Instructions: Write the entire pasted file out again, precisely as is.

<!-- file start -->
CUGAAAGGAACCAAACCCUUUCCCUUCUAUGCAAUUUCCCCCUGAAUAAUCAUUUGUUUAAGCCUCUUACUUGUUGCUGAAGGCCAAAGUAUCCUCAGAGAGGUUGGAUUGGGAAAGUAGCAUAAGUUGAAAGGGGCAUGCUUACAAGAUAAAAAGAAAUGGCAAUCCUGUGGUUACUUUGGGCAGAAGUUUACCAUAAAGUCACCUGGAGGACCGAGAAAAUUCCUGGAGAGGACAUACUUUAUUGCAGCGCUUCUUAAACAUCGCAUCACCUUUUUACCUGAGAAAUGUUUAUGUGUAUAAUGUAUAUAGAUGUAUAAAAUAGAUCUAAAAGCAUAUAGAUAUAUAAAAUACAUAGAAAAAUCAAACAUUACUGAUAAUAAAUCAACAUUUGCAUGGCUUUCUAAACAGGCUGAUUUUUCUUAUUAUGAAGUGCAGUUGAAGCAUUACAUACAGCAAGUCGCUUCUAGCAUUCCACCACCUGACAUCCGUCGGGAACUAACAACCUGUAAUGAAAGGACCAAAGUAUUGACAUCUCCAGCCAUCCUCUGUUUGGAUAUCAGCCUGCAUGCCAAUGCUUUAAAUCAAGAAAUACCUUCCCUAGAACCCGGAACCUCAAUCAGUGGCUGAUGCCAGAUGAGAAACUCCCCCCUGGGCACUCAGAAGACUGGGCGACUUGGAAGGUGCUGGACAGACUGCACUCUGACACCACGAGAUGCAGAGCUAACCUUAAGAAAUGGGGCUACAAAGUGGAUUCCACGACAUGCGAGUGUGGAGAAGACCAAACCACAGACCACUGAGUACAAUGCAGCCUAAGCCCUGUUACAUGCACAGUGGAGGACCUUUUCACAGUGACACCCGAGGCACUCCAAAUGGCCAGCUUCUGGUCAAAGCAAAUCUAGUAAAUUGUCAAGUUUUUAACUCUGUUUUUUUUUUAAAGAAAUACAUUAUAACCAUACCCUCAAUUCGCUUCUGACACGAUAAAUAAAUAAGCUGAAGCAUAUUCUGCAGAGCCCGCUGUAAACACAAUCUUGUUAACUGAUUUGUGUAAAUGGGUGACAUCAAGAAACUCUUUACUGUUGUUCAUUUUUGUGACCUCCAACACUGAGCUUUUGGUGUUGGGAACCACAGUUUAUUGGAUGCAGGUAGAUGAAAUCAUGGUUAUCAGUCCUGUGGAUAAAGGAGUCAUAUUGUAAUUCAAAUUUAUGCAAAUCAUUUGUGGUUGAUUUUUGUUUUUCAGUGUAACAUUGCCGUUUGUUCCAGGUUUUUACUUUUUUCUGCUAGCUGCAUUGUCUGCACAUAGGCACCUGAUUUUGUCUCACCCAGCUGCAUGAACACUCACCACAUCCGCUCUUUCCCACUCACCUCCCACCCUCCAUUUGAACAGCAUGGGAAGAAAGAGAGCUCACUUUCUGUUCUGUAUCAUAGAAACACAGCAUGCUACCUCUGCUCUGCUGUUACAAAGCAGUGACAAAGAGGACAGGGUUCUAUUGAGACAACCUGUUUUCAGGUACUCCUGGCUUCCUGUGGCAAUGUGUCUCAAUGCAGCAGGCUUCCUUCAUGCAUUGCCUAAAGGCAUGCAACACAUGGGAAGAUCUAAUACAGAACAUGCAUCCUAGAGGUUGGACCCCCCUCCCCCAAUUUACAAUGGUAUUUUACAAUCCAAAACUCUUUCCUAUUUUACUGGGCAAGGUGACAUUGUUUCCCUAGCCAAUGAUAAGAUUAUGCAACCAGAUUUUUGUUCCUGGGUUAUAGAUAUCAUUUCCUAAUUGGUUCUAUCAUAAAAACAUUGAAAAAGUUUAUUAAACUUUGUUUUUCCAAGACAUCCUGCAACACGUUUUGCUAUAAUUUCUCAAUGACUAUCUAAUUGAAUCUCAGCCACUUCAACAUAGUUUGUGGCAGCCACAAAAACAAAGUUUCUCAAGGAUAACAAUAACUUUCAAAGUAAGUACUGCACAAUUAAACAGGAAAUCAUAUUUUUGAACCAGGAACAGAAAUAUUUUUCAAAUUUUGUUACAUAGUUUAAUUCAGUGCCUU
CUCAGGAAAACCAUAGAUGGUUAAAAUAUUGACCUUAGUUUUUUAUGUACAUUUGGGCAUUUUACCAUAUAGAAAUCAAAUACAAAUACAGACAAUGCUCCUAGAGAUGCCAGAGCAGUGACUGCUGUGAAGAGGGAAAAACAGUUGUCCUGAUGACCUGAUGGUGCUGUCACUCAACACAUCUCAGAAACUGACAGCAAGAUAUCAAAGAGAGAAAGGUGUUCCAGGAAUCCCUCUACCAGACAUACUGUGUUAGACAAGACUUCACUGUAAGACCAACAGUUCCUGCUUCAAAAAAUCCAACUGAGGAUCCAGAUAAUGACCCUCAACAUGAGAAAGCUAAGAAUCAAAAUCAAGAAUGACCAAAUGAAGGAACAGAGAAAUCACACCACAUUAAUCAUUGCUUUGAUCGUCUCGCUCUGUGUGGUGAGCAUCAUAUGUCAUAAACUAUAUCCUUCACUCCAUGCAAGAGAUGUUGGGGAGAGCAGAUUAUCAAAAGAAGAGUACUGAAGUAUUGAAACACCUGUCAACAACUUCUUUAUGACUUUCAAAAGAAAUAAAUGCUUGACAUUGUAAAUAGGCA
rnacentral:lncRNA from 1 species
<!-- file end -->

CUGAAAGGAACCAAACCCUUUCCCUUCUAUGCAAUUUCCCCCUGAAUAAUCAUUUGUUUAAGCCUCUUACUUGUUGCUGAAGGCCAAAGUAUCCUCAGAGAGGUUGGAUUGGGAAAGUAGCAUAAGUUGAAAGGGGCAUGCUUACAAGAUAAAAAGAAAUGGCAAUCCUGUGGUUACUUUGGGCAGAAGUUUACCAUAAAGUCACCUGGAGGACCGAGAAAAUUCCUGGAGAGGACAUACUUUAUUGCAGCGCUUCUUAAACAUCGCAUCACCUUUUUACCUGAGAAAUGUUUAUGUGUAUAAUGUAUAUAGAUGUAUAAAAUAGAUCUAAAAGCAUAUAGAUAUAUAAAAUACAUAGAAAAAUCAAACAUUACUGAUAAUAAAUCAACAUUUGCAUGGCUUUCUAAACAGGCUGAUUUUUCUUAUUAUGAAGUGCAGUUGAAGCAUUACAUACAGCAAGUCGCUUCUAGCAUUCCACCACCUGACAUCCGUCGGGAACUAACAACCUGUAAUGAAAGGACCAAAGUAUUGACAUCUCCAGCCAUCCUCUGUUUGGAUAUCAGCCUGCAUGCCAAUGCUUUAAAUCAAGAAAUACCUUCCCUAGAACCCGGAACCUCAAUCAGUGGCUGAUGCCAGAUGAGAAACUCCCCCCUGGGCACUCAGAAGACUGGGCGACUUGGAAGGUGCUGGACAGACUGCACUCUGACACCACGAGAUGCAGAGCUAACCUUAAGAAAUGGGGCUACAAAGUGGAUUCCACGACAUGCGAGUGUGGAGAAGACCAAACCACAGACCACUGAGUACAAUGCAGCCUAAGCCCUGUUACAUGCACAGUGGAGGACCUUUUCACAGUGACACCCGAGGCACUCCAAAUGGCCAGCUUCUGGUCAAAGCAAAUCUAGUAAAUUGUCAAGUUUUUAACUCUGUUUUUUUUUUAAAGAAAUACAUUAUAACCAUACCCUCAAUUCGCUUCUGACACGAUAAAUAAAUAAGCUGAAGCAUAUUCUGCAGAGCCCGCUGUAAACACAAUCUUGUUAACUGAUUUGUGUAAAUGGGUGACAUCAAGAAACUCUUUACUGUUGUUCAUUUUUGUGACCUCCAACACUGAGCUUUUGGUGUUGGGAACCACAGUUUAUUGGAUGCAGGUAGAUGAAAUCAUGGUUAUCAGUCCUGUGGAUAAAGGAGUCAUAUUGUAAUUCAAAUUUAUGCAAAUCAUUUGUGGUUGAUUUUUGUUUUUCAGUGUAACAUUGCCGUUUGUUCCAGGUUUUUACUUUUUUCUGCUAGCUGCAUUGUCUGCACAUAGGCACCUGAUUUUGUCUCACCCAGCUGCAUGAACACUCACCACAUCCGCUCUUUCCCACUCACCUCCCACCCUCCAUUUGAACAGCAUGGGAAGAAAGAGAGCUCACUUUCUGUUCUGUAUCAUAGAAACACAGCAUGCUACCUCUGCUCUGCUGUUACAAAGCAGUGACAAAGAGGACAGGGUUCUAUUGAGACAACCUGUUUUCAGGUACUCCUGGCUUCCUGUGGCAAUGUGUCUCAAUGCAGCAGGCUUCCUUCAUGCAUUGCCUAAAGGCAUGCAACACAUGGGAAGAUCUAAUACAGAACAUGCAUCCUAGAGGUUGGACCCCCCUCCCCCAAUUUACAAUGGUAUUUUACAAUCCAAAACUCUUUCCUAUUUUACUGGGCAAGGUGACAUUGUUUCCCUAGCCAAUGAUAAGAUUAUGCAACCAGAUUUUUGUUCCUGGGUUAUAGAUAUCAUUUCCUAAUUGGUUCUAUCAUAAAAACAUUGAAAAAGUUUAUUAAACUUUGUUUUUCCAAGACAUCCUGCAACACGUUUUGCUAUAAUUUCUCAAUGACUAUCUAAUUGAAUCUCAGCCACUUCAACAUAGUUUGUGGCAGCCACAAAAACAAAGUUUCUCAAGGAUAACAAUAACUUUCAAAGUAAGUACUGCACAAUUAAACAGGAAAUCAUAUUUUUGAACCAGGAACAGAAAUAUUUUUCAAAUUUUGUUACAUAGUUUAAUUCAGUGCCUU
CUCAGGAAAACCAUAGAUGGUUAAAAUAUUGACCUUAGUUUUUUAUGUACAUUUGGGCAUUUUACCAUAUAGAAAUCAAAUACAAAUACAGACAAUGCUCCUAGAGAUGCCAGAGCAGUGACUGCUGUGAAGAGGGAAAAACAGUUGUCCUGAUGACCUGAUGGUGCUGUCACUCAACACAUCUCAGAAACUGACAGCAAGAUAUCAAAGAGAGAAAGGUGUUCCAGGAAUCCCUCUACCAGACAUACUGUGUUAGACAAGACUUCACUGUAAGACCAACAGUUCCUGCUUCAAAAAAUCCAACUGAGGAUCCAGAUAAUGACCCUCAACAUGAGAAAGCUAAGAAUCAAAAUCAAGAAUGACCAAAUGAAGGAACAGAGAAAUCACACCACAUUAAUCAUUGCUUUGAUCGUCUCGCUCUGUGUGGUGAGCAUCAUAUGUCAUAAACUAUAUCCUUCACUCCAUGCAAGAGAUGUUGGGGAGAGCAGAUUAUCAAAAGAAGAGUACUGAAGUAUUGAAACACCUGUCAACAACUUCUUUAUGACUUUCAAAAGAAAUAAAUGCUUGACAUUGUAAAUAGGCA
rnacentral:lncRNA from 1 species